PI Original Josh Kalven Tuesday September 15th, 2009, 4:24pm

Kirk Flip-Flops On His Own Flip-Flop

At a recent DuPage County GOP rally, U.S. Senate candidate Mark Kirk remarked that, if elected to the U.S. Senate, he would not repeat his vote in favor of cap-and-trade legislation because he would no longer be representing the "narrow interests" of the 10th Congressional ...

At a recent DuPage County GOP rally, U.S. Senate candidate Mark Kirk remarked that, if elected to the U.S. Senate, he would not repeat his vote in favor of cap-and-trade legislation because he would no longer be representing the "narrow interests" of the 10th Congressional District.  Of course, we already knew that Kirk was backtracking from that cap-and-trade vote, so it's not surprising that he would pledge to oppose it going forward.  Still, the video is worth a watch (the statement in question comes at the three-minute mark):

KIRK: I voted for [cap-and-trade] because it was in the narrow interests of my congressional district. But as your representative representing the entire state of Illinois, I will vote no on that bill coming up and that’s because we are a manufacturing, agriculture, and coal state and that’s a path I think we need to build.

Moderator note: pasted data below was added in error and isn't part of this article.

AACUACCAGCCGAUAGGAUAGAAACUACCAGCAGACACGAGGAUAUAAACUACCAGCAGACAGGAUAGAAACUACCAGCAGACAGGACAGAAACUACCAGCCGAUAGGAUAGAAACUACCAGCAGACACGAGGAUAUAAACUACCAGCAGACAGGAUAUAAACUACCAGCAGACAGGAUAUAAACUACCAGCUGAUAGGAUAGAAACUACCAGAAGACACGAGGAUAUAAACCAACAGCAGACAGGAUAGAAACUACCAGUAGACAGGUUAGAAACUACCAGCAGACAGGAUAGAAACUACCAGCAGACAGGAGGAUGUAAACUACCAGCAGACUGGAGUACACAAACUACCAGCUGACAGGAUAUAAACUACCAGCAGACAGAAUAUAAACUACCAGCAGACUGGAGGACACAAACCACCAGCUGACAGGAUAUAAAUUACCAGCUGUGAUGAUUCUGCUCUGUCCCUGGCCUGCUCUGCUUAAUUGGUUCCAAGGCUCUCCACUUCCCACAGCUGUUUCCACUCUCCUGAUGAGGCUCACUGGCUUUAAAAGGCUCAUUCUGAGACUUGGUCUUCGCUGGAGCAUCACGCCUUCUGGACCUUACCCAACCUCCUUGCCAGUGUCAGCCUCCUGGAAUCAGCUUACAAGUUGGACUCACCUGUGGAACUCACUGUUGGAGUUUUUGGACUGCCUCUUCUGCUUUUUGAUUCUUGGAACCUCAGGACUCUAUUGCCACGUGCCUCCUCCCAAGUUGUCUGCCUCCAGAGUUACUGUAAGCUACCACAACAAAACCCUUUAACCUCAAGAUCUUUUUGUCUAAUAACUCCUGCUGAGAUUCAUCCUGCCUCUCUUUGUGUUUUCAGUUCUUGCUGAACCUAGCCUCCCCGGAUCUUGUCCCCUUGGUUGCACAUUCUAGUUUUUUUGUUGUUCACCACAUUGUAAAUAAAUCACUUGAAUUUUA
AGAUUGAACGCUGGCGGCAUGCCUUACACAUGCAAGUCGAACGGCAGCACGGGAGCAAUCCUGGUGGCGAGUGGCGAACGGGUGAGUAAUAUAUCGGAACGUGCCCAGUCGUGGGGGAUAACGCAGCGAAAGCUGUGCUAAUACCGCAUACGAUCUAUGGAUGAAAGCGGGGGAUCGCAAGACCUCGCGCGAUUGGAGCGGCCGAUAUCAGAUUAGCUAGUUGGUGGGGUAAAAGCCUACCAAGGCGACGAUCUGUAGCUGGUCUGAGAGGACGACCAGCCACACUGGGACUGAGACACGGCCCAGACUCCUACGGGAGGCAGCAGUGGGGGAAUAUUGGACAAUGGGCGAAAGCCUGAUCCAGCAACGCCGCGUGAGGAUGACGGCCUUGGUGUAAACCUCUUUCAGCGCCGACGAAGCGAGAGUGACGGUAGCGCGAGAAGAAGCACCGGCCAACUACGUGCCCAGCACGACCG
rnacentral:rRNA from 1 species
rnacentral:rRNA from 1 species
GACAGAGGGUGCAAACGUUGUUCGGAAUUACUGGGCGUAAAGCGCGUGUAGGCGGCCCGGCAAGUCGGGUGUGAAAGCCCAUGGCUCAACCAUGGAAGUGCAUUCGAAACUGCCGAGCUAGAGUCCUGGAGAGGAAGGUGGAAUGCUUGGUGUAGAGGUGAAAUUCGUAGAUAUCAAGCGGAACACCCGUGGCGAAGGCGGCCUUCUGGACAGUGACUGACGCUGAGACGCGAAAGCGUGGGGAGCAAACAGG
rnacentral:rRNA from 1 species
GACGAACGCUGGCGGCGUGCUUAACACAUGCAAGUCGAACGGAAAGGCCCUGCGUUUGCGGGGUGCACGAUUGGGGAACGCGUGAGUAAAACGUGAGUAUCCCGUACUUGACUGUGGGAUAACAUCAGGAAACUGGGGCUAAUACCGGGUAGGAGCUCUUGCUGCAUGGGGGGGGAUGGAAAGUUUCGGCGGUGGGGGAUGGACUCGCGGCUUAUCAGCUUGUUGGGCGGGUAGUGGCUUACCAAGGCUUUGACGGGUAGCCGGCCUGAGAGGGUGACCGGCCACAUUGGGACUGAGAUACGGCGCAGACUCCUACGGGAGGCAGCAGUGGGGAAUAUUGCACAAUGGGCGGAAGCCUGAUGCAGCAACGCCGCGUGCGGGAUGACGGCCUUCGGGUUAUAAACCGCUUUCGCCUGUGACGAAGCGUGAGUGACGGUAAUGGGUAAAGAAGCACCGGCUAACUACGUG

Today, Capitol Fax, Talking Points Memo, and Greg Sargent all highlighted this "creative" maneuver and noted how it appeared to lead the crowd from booing to cheering.  However, one thing that hasn't been noted yet is that the above statement doesn't exactly jibe with Kirk's previous explanations of his shift in position. For instance, here he is on WIND Radio on July 20: 

Internal mp3

KIRK: If this [cap-and-trade bill] comes back [to the U.S. House] -- and I don’t think it will, I think this bill has died in the Senate -- I will be going through every detail and thinking about all of my constituents who got a hold of me on this issue. Because there has been an issue that I’ve heard nothing else about in the last couple of weeks. 

So back in July, Kirk said he would reconsider his vote due to the outrage he heard from his 10th District constituents. Now he's saying that he voted for it because of his 10th District constituents' "narrow interests."  Makes perfect sense ...

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